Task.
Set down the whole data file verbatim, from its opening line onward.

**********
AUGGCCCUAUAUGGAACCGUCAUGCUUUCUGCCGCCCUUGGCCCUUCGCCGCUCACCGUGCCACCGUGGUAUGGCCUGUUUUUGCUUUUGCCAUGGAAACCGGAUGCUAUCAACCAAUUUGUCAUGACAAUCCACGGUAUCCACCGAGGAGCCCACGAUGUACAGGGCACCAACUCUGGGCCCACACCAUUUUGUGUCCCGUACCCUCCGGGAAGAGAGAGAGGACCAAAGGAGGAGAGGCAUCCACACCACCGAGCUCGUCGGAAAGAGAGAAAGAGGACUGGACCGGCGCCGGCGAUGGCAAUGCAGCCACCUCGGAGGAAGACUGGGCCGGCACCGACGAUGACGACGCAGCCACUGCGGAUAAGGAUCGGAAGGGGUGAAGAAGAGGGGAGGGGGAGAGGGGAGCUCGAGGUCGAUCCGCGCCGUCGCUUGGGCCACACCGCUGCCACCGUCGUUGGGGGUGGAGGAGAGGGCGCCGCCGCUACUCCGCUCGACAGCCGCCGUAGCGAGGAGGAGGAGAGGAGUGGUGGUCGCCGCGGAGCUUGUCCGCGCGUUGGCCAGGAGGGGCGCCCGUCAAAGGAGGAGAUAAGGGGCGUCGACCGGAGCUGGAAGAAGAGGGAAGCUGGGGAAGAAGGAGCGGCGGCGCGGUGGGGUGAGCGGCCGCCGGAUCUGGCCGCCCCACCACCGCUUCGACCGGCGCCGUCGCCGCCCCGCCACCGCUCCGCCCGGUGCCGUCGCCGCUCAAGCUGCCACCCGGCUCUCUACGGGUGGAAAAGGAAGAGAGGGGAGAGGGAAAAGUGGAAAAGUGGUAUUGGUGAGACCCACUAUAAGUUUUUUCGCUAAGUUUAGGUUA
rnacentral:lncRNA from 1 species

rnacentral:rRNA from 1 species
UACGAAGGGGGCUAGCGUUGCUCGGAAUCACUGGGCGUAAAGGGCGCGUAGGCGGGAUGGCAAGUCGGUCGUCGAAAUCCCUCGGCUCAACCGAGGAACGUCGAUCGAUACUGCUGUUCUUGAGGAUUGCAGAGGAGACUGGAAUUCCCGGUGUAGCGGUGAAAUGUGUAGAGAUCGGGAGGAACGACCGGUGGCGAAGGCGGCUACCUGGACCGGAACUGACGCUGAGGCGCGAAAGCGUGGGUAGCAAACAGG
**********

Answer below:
AUGGCCCUAUAUGGAACCGUCAUGCUUUCUGCCGCCCUUGGCCCUUCGCCGCUCACCGUGCCACCGUGGUAUGGCCUGUUUUUGCUUUUGCCAUGGAAACCGGAUGCUAUCAACCAAUUUGUCAUGACAAUCCACGGUAUCCACCGAGGAGCCCACGAUGUACAGGGCACCAACUCUGGGCCCACACCAUUUUGUGUCCCGUACCCUCCGGGAAGAGAGAGAGGACCAAAGGAGGAGAGGCAUCCACACCACCGAGCUCGUCGGAAAGAGAGAAAGAGGACUGGACCGGCGCCGGCGAUGGCAAUGCAGCCACCUCGGAGGAAGACUGGGCCGGCACCGACGAUGACGACGCAGCCACUGCGGAUAAGGAUCGGAAGGGGUGAAGAAGAGGGGAGGGGGAGAGGGGAGCUCGAGGUCGAUCCGCGCCGUCGCUUGGGCCACACCGCUGCCACCGUCGUUGGGGGUGGAGGAGAGGGCGCCGCCGCUACUCCGCUCGACAGCCGCCGUAGCGAGGAGGAGGAGAGGAGUGGUGGUCGCCGCGGAGCUUGUCCGCGCGUUGGCCAGGAGGGGCGCCCGUCAAAGGAGGAGAUAAGGGGCGUCGACCGGAGCUGGAAGAAGAGGGAAGCUGGGGAAGAAGGAGCGGCGGCGCGGUGGGGUGAGCGGCCGCCGGAUCUGGCCGCCCCACCACCGCUUCGACCGGCGCCGUCGCCGCCCCGCCACCGCUCCGCCCGGUGCCGUCGCCGCUCAAGCUGCCACCCGGCUCUCUACGGGUGGAAAAGGAAGAGAGGGGAGAGGGAAAAGUGGAAAAGUGGUAUUGGUGAGACCCACUAUAAGUUUUUUCGCUAAGUUUAGGUUA
rnacentral:lncRNA from 1 species

rnacentral:rRNA from 1 species
UACGAAGGGGGCUAGCGUUGCUCGGAAUCACUGGGCGUAAAGGGCGCGUAGGCGGGAUGGCAAGUCGGUCGUCGAAAUCCCUCGGCUCAACCGAGGAACGUCGAUCGAUACUGCUGUUCUUGAGGAUUGCAGAGGAGACUGGAAUUCCCGGUGUAGCGGUGAAAUGUGUAGAGAUCGGGAGGAACGACCGGUGGCGAAGGCGGCUACCUGGACCGGAACUGACGCUGAGGCGCGAAAGCGUGGGUAGCAAACAGG